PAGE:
University of Wisconsin–Madison


Knowledge Gaps

Much has been accomplished in understanding the interplay of MAP and its host in recent years using tools created from the genomic sequencing of MAP and a better understanding of host immune responses, both antibody-based and cellular. Despite this progress, core questions about MAP pathology remain unanswered:

  • What is the minimal dose of MAP required to infect animals, by species and by age?
  • Why are young ruminants much more susceptible to MAP infection that adult ruminants?
  • What proportion of MAP-infected animals recover (clear the infection), if any?
  • What factors affect MAP virulence (capacity to cause infection and disease)?
  • Are all MAP strains equally virulent?
  • What are the innate immunologic responses to MAP infection in young animals?

Continued progress in comprehending host-MAP and MAP-environment dynamics is being made. This page summarizes our current knowledge about the impact of a MAP infection animals.


Peyer's Patches
Peyer’s Patches – a common site of entry of MAP bacteria into the host animal.

The target for MAP is the ruminant (such as a cow, goat, sheep, etc.) gastrointestinal tract. The most distal section, the ileum, is the primary site for infection. Ruminants swallow the organism (via MAP-contaminated milk, water or feed) which then invades through specialized ileal tissue called Peyer’s patches to enter immune cells (macrophages) in the tissue. This microscopic infection of macrophages in the small intestinal persists for years without triggering any systemic response from the animal’s immune system i.e., the animal is infected isn’t sick and isn’t responding to the infection in any visible way. At some point MAP spreads to lymph nodes flanking the gastrointestinal tract (the mesenteric nodes); later, for reasons not yet understood, the infection spreads throughout the ruminant. Clinical signs of Johne’s disease usually begin to appear at this point, and the animal only now, often years after infection, reliably produces the signal of the infection detectable by blood tests (anti-MAP antibody in the serum and milk).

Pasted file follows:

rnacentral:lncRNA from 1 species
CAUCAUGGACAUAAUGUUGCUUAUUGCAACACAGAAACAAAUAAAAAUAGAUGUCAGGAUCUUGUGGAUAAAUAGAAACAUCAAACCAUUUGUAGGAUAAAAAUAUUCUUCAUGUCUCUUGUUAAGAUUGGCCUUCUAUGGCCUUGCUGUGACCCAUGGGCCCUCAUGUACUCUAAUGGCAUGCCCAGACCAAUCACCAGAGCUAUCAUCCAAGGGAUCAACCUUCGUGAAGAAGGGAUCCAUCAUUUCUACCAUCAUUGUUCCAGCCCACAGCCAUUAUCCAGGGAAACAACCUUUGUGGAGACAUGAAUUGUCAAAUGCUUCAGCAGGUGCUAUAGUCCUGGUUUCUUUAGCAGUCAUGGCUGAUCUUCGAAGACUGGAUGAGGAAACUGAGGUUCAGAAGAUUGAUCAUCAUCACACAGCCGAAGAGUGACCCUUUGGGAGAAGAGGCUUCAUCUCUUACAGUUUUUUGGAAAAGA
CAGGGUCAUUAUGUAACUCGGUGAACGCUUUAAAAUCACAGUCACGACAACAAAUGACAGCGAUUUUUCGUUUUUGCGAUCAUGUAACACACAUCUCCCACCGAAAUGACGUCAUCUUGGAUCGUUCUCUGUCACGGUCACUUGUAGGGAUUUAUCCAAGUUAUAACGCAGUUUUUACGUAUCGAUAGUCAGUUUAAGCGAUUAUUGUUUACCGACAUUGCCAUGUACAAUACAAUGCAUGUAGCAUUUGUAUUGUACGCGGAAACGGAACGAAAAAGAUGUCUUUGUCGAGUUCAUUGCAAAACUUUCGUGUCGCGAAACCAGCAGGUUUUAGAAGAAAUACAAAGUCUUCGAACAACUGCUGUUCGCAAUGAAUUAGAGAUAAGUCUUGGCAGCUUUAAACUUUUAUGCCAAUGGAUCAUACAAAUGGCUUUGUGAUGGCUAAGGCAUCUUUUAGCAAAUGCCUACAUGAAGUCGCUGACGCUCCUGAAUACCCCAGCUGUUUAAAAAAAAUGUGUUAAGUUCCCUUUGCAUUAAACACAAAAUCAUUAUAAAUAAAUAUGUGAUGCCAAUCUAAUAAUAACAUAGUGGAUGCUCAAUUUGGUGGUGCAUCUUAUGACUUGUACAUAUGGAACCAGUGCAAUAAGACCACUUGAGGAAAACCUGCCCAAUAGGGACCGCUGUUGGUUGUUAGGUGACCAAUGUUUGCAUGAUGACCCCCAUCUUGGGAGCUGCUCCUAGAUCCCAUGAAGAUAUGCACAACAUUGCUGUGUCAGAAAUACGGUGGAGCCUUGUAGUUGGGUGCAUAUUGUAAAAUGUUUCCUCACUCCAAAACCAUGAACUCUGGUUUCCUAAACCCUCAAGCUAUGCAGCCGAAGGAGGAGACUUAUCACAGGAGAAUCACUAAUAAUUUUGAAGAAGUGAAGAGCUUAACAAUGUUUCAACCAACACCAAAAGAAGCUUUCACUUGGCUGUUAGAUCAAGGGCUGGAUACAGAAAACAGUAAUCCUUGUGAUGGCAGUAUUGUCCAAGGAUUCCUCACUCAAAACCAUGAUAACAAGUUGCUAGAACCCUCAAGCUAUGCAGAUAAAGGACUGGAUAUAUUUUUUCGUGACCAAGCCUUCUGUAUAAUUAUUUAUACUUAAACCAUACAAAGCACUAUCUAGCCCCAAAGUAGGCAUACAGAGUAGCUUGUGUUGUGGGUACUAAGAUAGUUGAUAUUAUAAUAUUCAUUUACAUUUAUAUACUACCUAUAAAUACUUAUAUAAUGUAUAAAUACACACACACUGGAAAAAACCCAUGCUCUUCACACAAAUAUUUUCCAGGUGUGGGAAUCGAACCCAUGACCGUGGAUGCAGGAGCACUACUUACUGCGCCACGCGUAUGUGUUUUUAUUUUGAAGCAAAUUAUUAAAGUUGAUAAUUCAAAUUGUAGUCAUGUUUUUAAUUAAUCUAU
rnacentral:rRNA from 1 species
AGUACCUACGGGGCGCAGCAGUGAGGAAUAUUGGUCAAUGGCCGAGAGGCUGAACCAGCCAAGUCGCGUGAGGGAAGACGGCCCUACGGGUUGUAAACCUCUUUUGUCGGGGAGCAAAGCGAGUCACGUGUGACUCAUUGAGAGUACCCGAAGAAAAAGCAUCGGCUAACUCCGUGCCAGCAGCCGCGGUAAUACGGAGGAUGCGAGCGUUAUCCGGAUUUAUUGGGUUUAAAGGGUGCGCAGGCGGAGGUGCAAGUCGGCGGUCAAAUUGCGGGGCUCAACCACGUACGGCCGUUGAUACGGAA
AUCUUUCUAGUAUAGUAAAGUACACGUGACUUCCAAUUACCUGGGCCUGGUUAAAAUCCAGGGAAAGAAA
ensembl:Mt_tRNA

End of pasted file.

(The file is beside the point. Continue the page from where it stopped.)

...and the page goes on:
Throughout this long sub-clinical phase (estimated at 2-10 years) when the ruminant is apparently healthy although infected, it is capable of transmitting the infection by shedding MAP intermittently in milk and manure. When observable signs of illness finally begin, the rate and amount of shedding increases and the animal represents an ever greater risk to its own offspring and other young animals.

MAP-infected racoons have been found around MAP-infected dairy farms.

Infection of non-ruminant species can occur by swallowing MAP, for example carnivorous animals eating infected prey, e.g. stoat eating a rabbit that became MAP-infected through grazing contaminated grass, or an omnivore swallowing contaminated feed (crow pecking at seeds in contaminated rations). While evidence of infection (e.g. isolation of MAP from tissue) has been demonstrated in such animals, it seems uncommon that the MAP infection damages the intestinal tract or causes clinical disease of a non-ruminant. Interested readers are directed to the publication by J.L. Corn, et al. Isolation of Mycobacterium avium subsp. paratuberculosis from free-ranging birds and mammals on livestock premises. Applied and Environmental Microbiology 71:6963-6967, 2005.

This MAP-infected goat transmitted his infection to his “roommate” a pot-bellied pig.

Recently, however, natural transmission of MAP infection from a goat to a Vietnamese pot-bellied pig was demonstrated (see abstracts of the 14th International Colloquium on Paratuberculosis). The pig and goat lived closely together for a number of years before the pig became sick. Ultrasound examination showed a markedly thickened bowel (confirmed at necropsy), fecal samples were strongly PCR-positive for MAP, and histopathology showed abundant acid-fast MAP bacteria in the intestinal wall.